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Mary Jo White, chairman of the U.S. Securities and Exchange Commission in the Obama administration for nearly four years, is rejoining her old law firm.
Debevoise & Plimpton announced Feb. 15 that the 69-year-old lawyer will return as senior chair.
As senior chair, White will maintain a full-time legal practice advising boards of directors and clients on government investigations and litigation. She will also have what she described as an “advisory role” to firm management.
“I’m not involved in day-to-day management,” said White in an interview. “Michael Blair is our great presiding partner. They run the firm. But there is a management team that’s broader than that… I hope to be a positive contributor to that discussion.”
Previously, White was chair of the firm’s litigation department from 2002 to 2013. There, she worked alongside Andrew Ceresney, who joined her at the SEC when White was nominated by President Barack Obama to lead the agency in April 2013. In January, the same month White stepped down from her role as chair of the SEC, Ceresney also returned to the Wall Street firm.
White explained that she decided to return to Debevoise after briefly considering other options.
“I basically worked straight through the 20th of January,” said White. “I didn’t turn my attention to what I would do next until then, but I did get a phone call from Michael (Blair, the firm’s presiding partner) and Bruce (Yannett, deputy presiding partner) to urge me in their interest of my coming back to the firm.”
White said that she considered her future plans over a couple of plane trips to and from the West Coast “to figure out whether what I wanted to do was practice law, or do something else.”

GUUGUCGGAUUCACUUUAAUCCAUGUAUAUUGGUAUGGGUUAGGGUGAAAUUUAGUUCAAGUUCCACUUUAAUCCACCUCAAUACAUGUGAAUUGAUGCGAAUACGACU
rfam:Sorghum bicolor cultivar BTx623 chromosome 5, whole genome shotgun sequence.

White said that other law firms had presented her with job opportunities, and there were employment opportunities outside of practicing law entirely, although she declined to provide specifics.
“Pretty quickly, within a couple of days, I decided I wanted to practice law and wanted to do that full-time,” she said. “Then, the decision was easy to come back to Debevoise. It has one of the preeminent white-collar defense practices. It’s the core of what I do.”
The 615-lawyer firm recently represented Rolls-Royce in resolutions with the U.K., U.S. and Brazil regarding bribery and corruption involving intermediaries in overseas markets; FanDuel in investigations by the New York Attorney General; Michael Pearson, the former CEO of Valeant Pharmaceuticals in SEC and DOJ investigations over possible fraud charges, as well as congressional inquiries; and PIMCO in an SEC settlement related to charges that it misled investors about the performance of one of its first actively managed exchange-traded funds and failed to accurately value certain fund securities.
At Debevoise, partners earn on average about $2.6 million a year, according to financial figures in The American Lawyer from 2016.
Asked what law firms and clients should expect from the SEC under her successor, Sullivan & Cromwell partner Jay Clayton, White suggested not to expect many drastic changes.
“Both enforcement at the SEC and DOJ I think will remain quite strong, and the market will remain quite strong for law firms,” said White. “Jay Clayton, who has been nominated to be my successor, will be a strong leader.”
White pointed to an initiative she led during her time with the SEC to enhance investor disclosures, which she expects will be continued under Clayton’s leadership.
Before her time with Debevoise in 2002, White served as the U.S. Attorney for the Southern District of New York for nearly nine years. She was the only woman to serve in that position in the more than 200-year history of the SDNY office.
“Simply put, Mary Jo is a giant in the legal profession,” said Michael W. Blair, Debevoise’s presiding partner. “Few, if any, other lawyers have garnered the respect and admiration that Mary Jo has throughout her distinguished career.”
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